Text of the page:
Your Brain on Meditation

Meditating on the green By Brittany Dingler, '15, Peer Health Educator

       Generally, meditation is a mindfulness-based practice in which an individual sits quietly, focuses on breathing, and tries to clear their mind of any distracting thoughts or worries. Some meditators even choose to supplement their meditation practice with repeated mantras (think “ohmmm…”) or visualization (“imagine you’re a stick, floating down the river of zen”). Though often viewed as a wacky, spiritual practice reserved only for yogis, hippies, and monks, meditation is a critical tool that has recently gained more support as a source of daily restoration for CEOs and doctors as well as an effective, supplemental treatment for chronic mental and physical diseases. For now, however, let’s just take a moment to focus on meditation as a tool for combating the everyday stress and anxiety of college life. 

       When in a situation known to induce cortisol-driving symptoms, such as sitting down to start your homework in the evening or preparing for a big presentation, taking a few minutes to meditate allows you to tackle stress mindfully. This mindful approach involves taking a minute to sit, close your eyes, and focus on your breathing rather than how many Organic Chemistry problems you have. As you focus on your breathing, your respiratory rate and pulse rate should start to decrease, thereby allowing you to override many of the cortisol-driven symptoms of stress experienced just minutes before. Additionally, you are more likely to have an increased level of attention and concentration – helpful, right?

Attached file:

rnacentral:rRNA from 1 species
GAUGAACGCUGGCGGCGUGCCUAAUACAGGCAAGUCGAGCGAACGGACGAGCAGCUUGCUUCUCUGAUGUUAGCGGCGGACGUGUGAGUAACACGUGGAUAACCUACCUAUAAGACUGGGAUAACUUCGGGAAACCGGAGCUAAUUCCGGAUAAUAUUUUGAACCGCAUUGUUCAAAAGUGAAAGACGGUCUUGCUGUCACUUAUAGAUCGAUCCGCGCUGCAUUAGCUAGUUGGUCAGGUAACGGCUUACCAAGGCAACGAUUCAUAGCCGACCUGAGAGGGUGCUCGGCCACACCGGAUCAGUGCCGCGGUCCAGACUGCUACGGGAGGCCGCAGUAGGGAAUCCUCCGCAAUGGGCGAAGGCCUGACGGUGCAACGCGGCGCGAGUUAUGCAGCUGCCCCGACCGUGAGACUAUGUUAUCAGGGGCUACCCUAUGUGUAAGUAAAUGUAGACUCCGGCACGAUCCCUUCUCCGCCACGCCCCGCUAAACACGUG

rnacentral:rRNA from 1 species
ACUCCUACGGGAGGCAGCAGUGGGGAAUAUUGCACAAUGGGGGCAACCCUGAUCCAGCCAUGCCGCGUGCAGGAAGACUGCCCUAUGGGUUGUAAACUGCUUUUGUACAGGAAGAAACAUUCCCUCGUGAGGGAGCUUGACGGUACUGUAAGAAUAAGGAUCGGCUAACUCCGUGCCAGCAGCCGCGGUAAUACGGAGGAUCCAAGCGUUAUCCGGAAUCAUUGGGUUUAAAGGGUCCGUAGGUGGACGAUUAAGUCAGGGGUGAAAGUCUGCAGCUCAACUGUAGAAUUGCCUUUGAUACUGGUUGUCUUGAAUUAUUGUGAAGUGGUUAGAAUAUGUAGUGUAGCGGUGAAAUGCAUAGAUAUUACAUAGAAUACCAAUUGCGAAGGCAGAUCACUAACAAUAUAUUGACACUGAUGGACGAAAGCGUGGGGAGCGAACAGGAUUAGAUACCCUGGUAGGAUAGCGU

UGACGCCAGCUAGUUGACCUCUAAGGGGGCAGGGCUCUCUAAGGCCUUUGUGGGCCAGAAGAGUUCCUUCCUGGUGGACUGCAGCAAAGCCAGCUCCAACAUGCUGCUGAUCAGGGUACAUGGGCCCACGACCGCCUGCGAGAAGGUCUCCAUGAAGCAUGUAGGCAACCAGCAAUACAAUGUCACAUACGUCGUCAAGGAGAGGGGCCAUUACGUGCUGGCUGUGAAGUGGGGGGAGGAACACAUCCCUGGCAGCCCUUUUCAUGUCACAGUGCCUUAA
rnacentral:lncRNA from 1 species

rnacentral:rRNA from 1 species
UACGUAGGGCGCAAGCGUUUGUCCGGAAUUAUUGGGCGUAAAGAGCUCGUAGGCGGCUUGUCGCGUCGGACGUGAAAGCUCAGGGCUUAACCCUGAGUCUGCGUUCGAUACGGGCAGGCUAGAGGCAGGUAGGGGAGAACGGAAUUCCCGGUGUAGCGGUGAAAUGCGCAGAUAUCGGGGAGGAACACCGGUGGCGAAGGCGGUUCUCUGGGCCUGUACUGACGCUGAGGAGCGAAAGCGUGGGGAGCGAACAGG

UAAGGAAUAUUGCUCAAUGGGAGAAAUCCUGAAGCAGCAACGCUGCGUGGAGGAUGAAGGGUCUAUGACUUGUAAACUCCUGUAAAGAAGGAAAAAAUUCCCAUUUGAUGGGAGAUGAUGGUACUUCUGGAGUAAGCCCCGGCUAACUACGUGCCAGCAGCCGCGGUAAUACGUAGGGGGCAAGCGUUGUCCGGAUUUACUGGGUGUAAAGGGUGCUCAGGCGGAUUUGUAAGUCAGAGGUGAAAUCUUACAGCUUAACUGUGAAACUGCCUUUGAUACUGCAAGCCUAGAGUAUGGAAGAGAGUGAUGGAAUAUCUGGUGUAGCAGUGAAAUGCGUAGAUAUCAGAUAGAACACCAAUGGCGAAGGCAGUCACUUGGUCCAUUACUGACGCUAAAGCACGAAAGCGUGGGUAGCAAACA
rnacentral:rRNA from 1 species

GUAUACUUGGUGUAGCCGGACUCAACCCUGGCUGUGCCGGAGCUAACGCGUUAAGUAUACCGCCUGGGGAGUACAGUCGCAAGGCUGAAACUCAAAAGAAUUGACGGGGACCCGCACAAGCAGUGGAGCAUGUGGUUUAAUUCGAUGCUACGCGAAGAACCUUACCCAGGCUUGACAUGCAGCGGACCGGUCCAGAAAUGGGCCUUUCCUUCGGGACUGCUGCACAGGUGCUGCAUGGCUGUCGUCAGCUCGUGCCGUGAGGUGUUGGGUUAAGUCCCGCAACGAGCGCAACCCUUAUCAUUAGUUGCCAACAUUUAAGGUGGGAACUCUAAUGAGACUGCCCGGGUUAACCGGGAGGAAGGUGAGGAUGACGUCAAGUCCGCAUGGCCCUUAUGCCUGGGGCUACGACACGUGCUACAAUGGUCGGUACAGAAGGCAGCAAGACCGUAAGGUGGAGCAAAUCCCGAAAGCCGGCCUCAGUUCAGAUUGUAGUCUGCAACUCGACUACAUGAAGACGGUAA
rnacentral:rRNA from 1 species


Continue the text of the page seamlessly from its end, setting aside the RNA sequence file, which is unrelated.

The long-term effects of meditation are also worth noting. For example, in Health Psychology (2012), Shelley E. Taylor argues that meditation has been shown to outcompete other, unhealthy stress behaviors we might typically resort to, such as over-eating, self-medicating with marijuana or alcohol, or general avoidance of the stress-inducing situations. Furthermore, Grant and Rainville (2009) found that meditation and other mindfulness strategies can help with pain and may even offer some analgesic effects. 

       So how does this work?  How do a few minutes of sitting quietly and breathing create such profound physiological and psychological changes? For these answers, we must turn to neuroscience – specifically, the principles of neuroplasticity. Neuroplasticity is the phenomenon in which our brain anatomy moves around gray matter and synaptic connections in order to facilitate certain, repeated habits (such as juggling and playing the ukulele) or to regain lost functions from a traumatic brain injury. Meditation also shows neuroplasticity. For example, in 2011, Hölzel, Lazar, et al. found that an eight-week meditation program, in which participants meditated for only 30 minutes each day, lead to increased gray matter in the left hippocampus (the center for learning and memory), the tempero-parietal junction (activated during arguing, empathy, and compassion), and a decrease in gray matter in the amygdala (a small region responsible for perceiving threats and stress). In other words, the pre-frontal areas targeted during meditation overlap with those that provide the functions necessary to being productive, happy college students.


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